Our research demonstrates that a less-flashy effort might also have a significant effect in boosting vaccination rates: text messages. In a new study involving more than 47,000 people, we identified messages that were able to “nudge” people who were scheduled for a primary-care doctor’s visit to get a flu shot during that visit. Although the study took place last fall, before coronavirus vaccines were widely available, we designed the messages so they could be repurposed for the new vaccines.
After soliciting suggestions for different approaches from dozens of experts, our large, interdisciplinary team tested 19 text messages that ranged from jokey and casual to sober and professional. One of the latter turned out to be the most effective: 72 hours before a doctor’s visit, we told patients that it was flu season and that “a flu vaccine is available for you.” Then, 24 hours before the appointment, we informed them that “a flu vaccine has been reserved for your appointment.” The proportion of people in the control group who got a flu shot was 42 percent. The “reserved for you” nudge raised that figure by 4.6 percentage points, as we reported in the Proceedings of the National Academy of Sciences last month. (All patients in the study — including the control group — were supposed to be offered a vaccine by their doctor, but we can’t be sure that happened in every case.)
Likewise, in a similar study we conducted involving roughly 700,000 Walmart pharmacy customers, texts reminding patients that a flu vaccine was “waiting for you” lifted vaccination rates more than any other line of messaging did.
Why do text message reminders using phrases such as “reserved for you” and “waiting for you” work so well? It might be because this language makes patients feel as if the vaccine belongs to them, and they may not want to miss out on “their” dose. Research also shows that people are more likely to accept default options than to choose to opt in to the same course of action. One reason is that defaults are presumed to be the recommended path. Accepting defaults is also perceived to take less effort. After all, you’re just going along with what has already been arranged and accepting a vaccine that’s ready and waiting. (That impression apparently matters, even if it takes little to no effort to simply say yes when a doctor offers you a vaccine after you receive a different text, or no text at all.)
Five other messages we tested to encourage vaccine adoption at the doctor’s office showed statistically significant benefits as well: One informed patients that a flu shot had been reserved for them and prompted them to “reply ‘Y’ if you want this shot held for you”; another showed patients a short video about what being sick with the flu is like.
In contrast, messages were less effective when they were incongruent with the sort of communications that patients are used to receiving from their health-care providers. The most flippant message, for example, was also one of the worst-performing: A dog tells a joke to a cat: “Did you hear the joke about the flu? Never mind, I don’t want to spread it around.” A message that framed vaccination as a competition also fared poorly: “In 2019, flu shots in Pennsylvania lagged 2% behind Maryland. Help Pennsylvania become a leader in flu prevention and get your flu shot.” (Still, none of the texts decreased rates of flu vaccination relative to the control group.)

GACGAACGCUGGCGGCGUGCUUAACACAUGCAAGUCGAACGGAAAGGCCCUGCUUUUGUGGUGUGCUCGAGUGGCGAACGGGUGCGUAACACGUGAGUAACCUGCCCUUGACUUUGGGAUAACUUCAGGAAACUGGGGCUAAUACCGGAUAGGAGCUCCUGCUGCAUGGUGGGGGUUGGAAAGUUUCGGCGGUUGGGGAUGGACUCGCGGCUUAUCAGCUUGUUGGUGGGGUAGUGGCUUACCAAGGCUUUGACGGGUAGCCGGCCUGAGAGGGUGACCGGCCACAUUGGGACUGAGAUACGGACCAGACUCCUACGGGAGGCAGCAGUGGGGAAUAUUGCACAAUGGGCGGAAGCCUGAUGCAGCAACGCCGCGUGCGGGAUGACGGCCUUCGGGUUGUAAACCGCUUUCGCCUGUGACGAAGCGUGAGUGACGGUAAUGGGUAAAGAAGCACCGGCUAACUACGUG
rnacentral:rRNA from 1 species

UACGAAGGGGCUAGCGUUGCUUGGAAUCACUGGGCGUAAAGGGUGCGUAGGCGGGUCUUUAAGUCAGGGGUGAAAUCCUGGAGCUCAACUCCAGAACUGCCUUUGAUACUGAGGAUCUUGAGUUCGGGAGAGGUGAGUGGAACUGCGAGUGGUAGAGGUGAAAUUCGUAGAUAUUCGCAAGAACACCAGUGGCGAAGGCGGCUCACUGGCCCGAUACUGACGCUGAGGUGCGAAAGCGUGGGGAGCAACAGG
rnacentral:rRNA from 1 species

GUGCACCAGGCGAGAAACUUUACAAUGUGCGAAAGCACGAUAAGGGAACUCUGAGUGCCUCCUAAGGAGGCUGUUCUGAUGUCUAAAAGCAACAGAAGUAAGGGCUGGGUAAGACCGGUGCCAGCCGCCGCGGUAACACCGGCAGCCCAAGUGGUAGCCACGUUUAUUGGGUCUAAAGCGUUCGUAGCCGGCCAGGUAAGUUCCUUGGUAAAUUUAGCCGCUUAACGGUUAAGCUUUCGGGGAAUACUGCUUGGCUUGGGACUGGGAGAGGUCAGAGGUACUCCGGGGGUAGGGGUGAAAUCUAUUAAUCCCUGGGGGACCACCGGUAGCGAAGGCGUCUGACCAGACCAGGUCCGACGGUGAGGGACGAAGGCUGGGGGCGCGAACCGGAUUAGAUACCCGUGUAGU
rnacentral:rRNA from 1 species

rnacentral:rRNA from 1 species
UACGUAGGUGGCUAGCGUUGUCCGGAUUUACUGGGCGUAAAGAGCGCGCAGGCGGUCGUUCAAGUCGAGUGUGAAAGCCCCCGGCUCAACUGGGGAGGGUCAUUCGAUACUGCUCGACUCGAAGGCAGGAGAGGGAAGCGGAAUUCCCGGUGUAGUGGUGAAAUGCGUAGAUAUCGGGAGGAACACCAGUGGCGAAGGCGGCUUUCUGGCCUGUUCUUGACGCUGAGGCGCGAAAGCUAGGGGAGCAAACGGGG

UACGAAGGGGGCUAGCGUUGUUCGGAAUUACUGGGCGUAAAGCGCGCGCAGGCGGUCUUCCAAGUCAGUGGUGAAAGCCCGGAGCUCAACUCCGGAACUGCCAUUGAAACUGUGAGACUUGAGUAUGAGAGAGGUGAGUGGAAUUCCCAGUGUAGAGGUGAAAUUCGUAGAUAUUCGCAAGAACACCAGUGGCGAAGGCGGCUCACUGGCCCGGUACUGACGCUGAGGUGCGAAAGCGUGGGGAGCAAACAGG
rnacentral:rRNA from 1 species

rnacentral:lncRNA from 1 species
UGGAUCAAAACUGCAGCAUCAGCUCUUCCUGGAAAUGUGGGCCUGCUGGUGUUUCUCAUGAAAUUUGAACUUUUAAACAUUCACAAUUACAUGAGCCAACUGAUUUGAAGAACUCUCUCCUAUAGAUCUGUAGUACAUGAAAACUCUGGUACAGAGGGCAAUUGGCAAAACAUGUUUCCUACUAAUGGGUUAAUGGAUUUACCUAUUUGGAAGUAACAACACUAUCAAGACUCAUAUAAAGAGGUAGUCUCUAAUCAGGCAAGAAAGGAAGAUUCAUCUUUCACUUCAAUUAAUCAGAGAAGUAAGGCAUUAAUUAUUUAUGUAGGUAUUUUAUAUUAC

In the Walmart study, although the challenge was different (drawing people into the pharmacy to request a shot rather than nudging them to accept a vaccine during a doctor’s appointment), we found similar results. Messages that came across as informal performed poorly in that context, too. Repeated reminders added value at Walmart (confirming that nagging can work), and the presumptive default language won out again.
The promising results from these two large experiments can be adapted to encourage coronavirus vaccinations. And early findings from a new study at the University of California at Los Angeles, run by several of our collaborators, suggest they’ll probably yield payoffs. Hengchen Dai and her colleagues tested the value of text messages sent to tens of thousands of UCLA Health patients one and eight days after they were notified of their eligibility to receive a coronavirus vaccine, and they found that text reminders increased inoculation rates by up to 3.4 percentage points. Again, the best-performing messages across four they tested reminded patients that a vaccine was “available for you” and encouraged patients to “claim your dose.”
Compared with other tactics, including glitzy ad campaigns and cash incentives, strategies based on text messaging are virtually costless. Yet they move the needle (literally). And unlike mandates, nudges preserve the autonomy of individuals to make their own decisions. We aren’t advocating against cash rewards or mandates — far from it. In our view, in the race to end the pandemic, the more approaches, the better.
But let’s not overlook an easy and cost-effective tactic based on solid behavioral science. And as we think about vaccine nudges and incentives, let’s remember that they can have a snowball effect. Momentum builds, as more and more Americans can say to one another: “Yes, I’ve been vaccinated.” After all, nothing changes a person’s mind like altering what the crowd around them is doing.
In an earlier version of this article, the first author's name was misspelled in the byline. The article has been corrected. The article has also been updated to incorporate new vaccine incentives offered by the Biden administration.